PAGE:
Authors’ notes: Earlier versions of this paper benefited from presentations at the 2009 annual meeting of the American Political Science Association in Toronto and the Research in International Politics workshop at The Ohio State University. We thank the ISQ editorial team and anonymous reviewers, as well as Ben Jones, Jon Krosnick, Jon Mercer, Irfan Nooruddin, and Brian Rathbun for their comments on an earlier version of this manuscript, and Emily Lynch and Eleonora Mattiacci for their research assistance. Kertzer acknowledges the support of the Social Sciences and Humanities Research Council of Canada. Replication data and Appendices are available online at http://polisci.osu.edu/grads/kertzer.1/.
Folk Realism: Testing the Microfoundations of Realism in Ordinary Citizens1
Article first published online: 18 JAN 2012
© 2012 International Studies Association
International Studies Quarterly
Volume 56, Issue 2, pages 245–258, June 2012
How to Cite
Kertzer, . J. D. and McGraw, . K. M. (2012), Folk Realism: Testing the Microfoundations of Realism in Ordinary Citizens. International Studies Quarterly, 56: 245–258. doi: 10.1111/j.1468-2478.2011.00715.x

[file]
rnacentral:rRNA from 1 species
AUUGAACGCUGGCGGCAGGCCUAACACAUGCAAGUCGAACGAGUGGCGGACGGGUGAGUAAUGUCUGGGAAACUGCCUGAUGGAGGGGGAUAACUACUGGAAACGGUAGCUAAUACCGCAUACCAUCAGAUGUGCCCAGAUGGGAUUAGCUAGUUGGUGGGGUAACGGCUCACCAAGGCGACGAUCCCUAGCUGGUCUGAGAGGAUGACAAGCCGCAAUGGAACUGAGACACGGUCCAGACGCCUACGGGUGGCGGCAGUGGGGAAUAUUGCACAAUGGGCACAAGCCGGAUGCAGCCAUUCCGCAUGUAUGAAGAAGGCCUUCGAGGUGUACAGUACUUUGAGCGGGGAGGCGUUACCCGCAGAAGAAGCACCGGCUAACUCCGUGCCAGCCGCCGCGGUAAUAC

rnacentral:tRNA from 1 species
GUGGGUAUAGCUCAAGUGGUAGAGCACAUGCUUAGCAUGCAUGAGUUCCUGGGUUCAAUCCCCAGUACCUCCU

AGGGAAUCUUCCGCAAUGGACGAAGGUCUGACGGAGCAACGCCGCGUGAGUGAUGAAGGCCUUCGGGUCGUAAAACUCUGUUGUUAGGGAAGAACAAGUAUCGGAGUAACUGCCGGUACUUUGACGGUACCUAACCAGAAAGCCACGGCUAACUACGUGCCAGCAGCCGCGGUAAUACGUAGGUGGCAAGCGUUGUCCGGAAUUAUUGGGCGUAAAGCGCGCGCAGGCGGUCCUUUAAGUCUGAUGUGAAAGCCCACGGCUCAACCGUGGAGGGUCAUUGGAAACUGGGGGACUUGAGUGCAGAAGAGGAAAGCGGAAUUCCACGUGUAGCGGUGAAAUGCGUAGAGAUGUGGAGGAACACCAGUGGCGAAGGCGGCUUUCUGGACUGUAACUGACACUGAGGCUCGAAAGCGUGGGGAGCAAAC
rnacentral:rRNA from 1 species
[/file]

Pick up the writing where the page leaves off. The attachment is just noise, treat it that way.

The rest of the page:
- Issue published online: 8 JUN 2012
- Article first published online: 18 JAN 2012
Kertzer, Joshua D. and Kathleen M. McGraw. (2012) Folk Realism: Testing the Microfoundations of Realism in Ordinary Citizens. International Studies Quarterly, doi: 10.1111/j.1468-2478.2011.00715.x © 2012 International Studies Association
International Relations scholars have long debated whether the American public is allergic to realism, which raises the question of how they would “contract” it in the first place. We argue that realism isn’t just an IR paradigm, but a belief system, whose relationship with other ideological systems in public opinion has rarely been fully examined. Operationalizing this disposition in ordinary citizens as “folk realism,” we investigate its relationship with a variety of personality traits, foreign policy orientations, and political knowledge. We then present the results of a laboratory experiment probing psychological microfoundations for realist theory, manipulating the amount of information subjects have about a foreign policy conflict to determine whether uncertainty leads individuals to adopt more realist views, and whether realists and idealists respond to uncertainty and fear differently. We find that many of realism’s causal mechanisms are conditional on whether subjects already hold realist views, and suggest that emotions like fear may play a larger role in realist theory than many realists have assumed.